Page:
Brno, May 3 (CTK) – The Supreme Administrative Court (NSS) has rejected the cassation complaint by hacker Yevgeni Nikulin, who was not granted Czech asylum, saying that Nikulin, a Russian national, could not seek the asylum procedure as the protection against his extradition to a third country, which was the USA in his case.

This would be at variance with the sense of the institute of international protection, the NSS has written on its website.

The extradition of Nikulin, who was arrested in Prague in the autumn of 2016, was sought by both the USA and Russia.

This March, Prague extradited him to the USA based on the decision Justice Minister Robert Pelikan made after the Constitutional Court (US) rejected Nikulin’s complaint against his expected extradition.

In the USA, Nikulin is suspected of vast hacking attacks on social networks. Russia, on its part, accuses him of minor online offences.

In the latest procedure, the NSS did not deal with the admissibility of Nikulin’s extradition but only with his complaint related to his Czech asylum procedure. It discussed the question of whether the institute of international protection, based on humanitarian reasons, can be used to protect the applicant against the threat of persecution or another serious harm he might face in other than his home country.

Such use is impossible, since the institute of international protection is always meant to as protection against a danger threatening from the [applicant’s] country of origin, NSS judge Eva Sonkova wrote.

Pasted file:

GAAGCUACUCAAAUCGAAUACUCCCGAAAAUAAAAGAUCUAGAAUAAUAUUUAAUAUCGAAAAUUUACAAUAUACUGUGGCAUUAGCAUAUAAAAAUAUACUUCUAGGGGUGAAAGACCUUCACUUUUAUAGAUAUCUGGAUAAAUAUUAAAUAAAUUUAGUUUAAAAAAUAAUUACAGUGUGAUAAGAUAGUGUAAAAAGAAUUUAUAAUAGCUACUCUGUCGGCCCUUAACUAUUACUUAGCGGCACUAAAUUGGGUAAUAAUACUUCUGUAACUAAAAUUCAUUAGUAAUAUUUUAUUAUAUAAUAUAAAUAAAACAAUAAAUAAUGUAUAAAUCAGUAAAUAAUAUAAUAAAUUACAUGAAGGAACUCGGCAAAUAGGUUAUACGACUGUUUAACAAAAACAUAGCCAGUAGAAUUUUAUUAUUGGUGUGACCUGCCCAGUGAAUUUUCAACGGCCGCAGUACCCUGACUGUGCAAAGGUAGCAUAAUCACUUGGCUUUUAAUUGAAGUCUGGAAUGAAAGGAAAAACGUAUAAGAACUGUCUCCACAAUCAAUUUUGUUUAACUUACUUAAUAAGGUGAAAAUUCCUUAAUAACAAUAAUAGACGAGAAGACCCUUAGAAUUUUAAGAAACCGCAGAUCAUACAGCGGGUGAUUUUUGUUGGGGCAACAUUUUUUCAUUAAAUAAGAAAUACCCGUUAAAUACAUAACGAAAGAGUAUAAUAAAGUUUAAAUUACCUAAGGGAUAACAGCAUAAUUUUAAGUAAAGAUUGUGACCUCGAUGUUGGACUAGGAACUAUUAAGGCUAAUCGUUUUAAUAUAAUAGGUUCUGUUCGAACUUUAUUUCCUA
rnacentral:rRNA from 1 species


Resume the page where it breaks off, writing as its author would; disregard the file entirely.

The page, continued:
Nikulin arrived in the Czech Republic with a tourist visa in October 2016. He was arrested based on an U.S. warrant for his arrest, but Russia, too, applied for his extradition.

Last May, the Municipal Court in Prague decided that his extradition to both the USA and Russia was admissible.

Last December, Nikulin applied for international protection which, however, the Czech Republic did not grant him. In March, his complaint was turned down by the Prague Municipal Court. It said Nikulin lodged the application only 14 months after his arrival in the Czech Republic and it was clear that he did so in an attempt to avoid being extradited to the USA.

The USA charged Nikulin with hacking related to the Linkedin, Formspring and Dropbox social media firms. It has been speculated that Nikulin is connected with the hacking of emails of presidential candidate Hillary Clinton before the U.S. presidential election in 2016.

The United States thanked the Czech Republic for extraditing Nikulin, while Russia criticised the step and warned that it would negatively affect the Russian-Czech relations.